Machine learning, or ML, is revolutionising numerous industries, including the banking industry and financial services sector. When it comes to machine learning in banking, leading financial institutions are harnessing ML's capabilities to streamline operations, enhance customer experience, bolster risk management, and improve financial forecasting.

In this article, we delve deeper into the application of machine learning in banking and for finance, exploring its opportunities, potential risks, use cases, benefits, and pivotal role in improving real-time fraud detection.

Machine learning in banking and finance

To understand machine learning better, here are some examples of real-world machine learning models and algorithms in banking and finance.

Sifting through big data manually can take a lot of human effort and time. With the help of machine learning, a computer program that looks at this data can quickly identify patterns and automatically categorise this data – even making predictions or recommendations.

For example, machine learning can identify financial habits of a certain demographic, or flag potentially risky transactions that could be linked to fraud or scams to a bank’s compliance team. In addition, the time saved with automation can be better used on strategic analyses or quality customer interactions.

In which areas of banking/ finance is machine learning used?

The following is a summary of some of the ways machine learning is being used in, and how it impacts/ benefits the banking and finance industry:

  • Quicker fraud detection and prevention through data analysis and detection of anomalies.
  • Enhancing traditional credit scoring models that can consider a broader range of data.
  • Helping financial institutions assess and manage risk more effectively.
  • High-frequency algorithmic trading that can analyse market data, execute complex trading strategies and react to market conditions in real-time.
  • Customer service and chatbots powered by natural language processing (NLP) and machine learning that help to answer high volume routine queries.
  • Personalised banking, where offerings are tailored to better meet customers’ individual needs and preferences.
  • Automating compliance tasks by analysing and categorising vast amounts of legal and regulatory documents.
  • Anti-Money Laundering (AML) and Know Your Customer (KYC) compliance and spotting potentially illicit transactions and suspicious activities.
  • Predictive analytics that can forecast financial trends, customer behaviour, and market conditions to inform business strategies and investment decisions.

For instance, DBS NAV Planner, a financial planning tool that aims to make financial advice easily accessible for our customers, comprises a suitability engine. The AI/ML models behind this tool are trained to recommend the right investment products to the right people, while also figuring out the best advice to give customers based on their individual profile.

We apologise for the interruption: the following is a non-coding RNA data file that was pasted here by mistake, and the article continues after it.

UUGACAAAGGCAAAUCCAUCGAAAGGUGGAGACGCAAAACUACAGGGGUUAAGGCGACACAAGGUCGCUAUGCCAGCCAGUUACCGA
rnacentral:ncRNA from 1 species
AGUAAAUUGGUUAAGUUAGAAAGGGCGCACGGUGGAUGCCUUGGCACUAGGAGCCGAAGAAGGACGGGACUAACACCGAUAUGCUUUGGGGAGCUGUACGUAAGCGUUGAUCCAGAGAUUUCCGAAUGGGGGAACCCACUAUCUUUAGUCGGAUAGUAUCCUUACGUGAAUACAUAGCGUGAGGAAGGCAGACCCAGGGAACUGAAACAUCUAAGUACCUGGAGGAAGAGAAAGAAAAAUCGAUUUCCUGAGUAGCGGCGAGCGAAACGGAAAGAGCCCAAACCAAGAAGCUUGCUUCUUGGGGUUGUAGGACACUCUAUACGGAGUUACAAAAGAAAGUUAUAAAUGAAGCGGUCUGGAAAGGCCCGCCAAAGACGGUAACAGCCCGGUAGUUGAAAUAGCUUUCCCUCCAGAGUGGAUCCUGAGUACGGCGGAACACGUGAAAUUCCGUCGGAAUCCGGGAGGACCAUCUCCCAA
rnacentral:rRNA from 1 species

How do banks benefit from machine learning?

With the above non-exhaustive use cases, it is seen that banks can benefit significantly from machine learning in various aspects of their operations, allowing them to enhance customer experiences, improve risk management, streamline operations, and drive revenue growth. Here’s a deeper dive into some areas of note:

Customer experience enhancement: machine learning algorithms enable banks to analyse customer data and behaviour (taking into consideration data protection and privacy laws) to provide personalised services and recommendations.

Credit risk assessment: machine learning models help banks assess credit risk more accurately. They analyse vast datasets to identify patterns and predict the likelihood of loan defaults. By employing machine learning, a bank can make more nimble and more informed lending decisions while minimising risk and improving the quality of their loan portfolio.

Operational efficiency: automation through machine learning reduces the need for manual intervention in routine banking processes. For instance, DBS Bank employs chatbots to assist customers with common inquiries and tasks, allowing human staff to focus on more complex issues. This improves operational efficiency and lowers costs.

Revenue generation: machine learning could also help banks identify cross-selling and upselling opportunities. By analysing customer data, banks can recommend tailored financial products and services to their clients, whether via nudges or through a recommendation engine.

DBS has leveraged machine learning to our advantage. We embarked on our digital transformation journey early in 2014, well ahead of our peers. In 2022, our AI/ML use cases delivered an economic value of SGD 180 million, comprising a revenue uplift of SGD150 million as well as SGD30 million from cost avoidance and productivity gains.

Opportunities of machine learning in banking and finance

Machine learning in banking offers immense opportunities. One of the most significant lies in understanding customer behaviour, which can improve customer experience. According to Harvard Business Review, machine learning holds much promise. Why? Because ML can predict customer behaviours.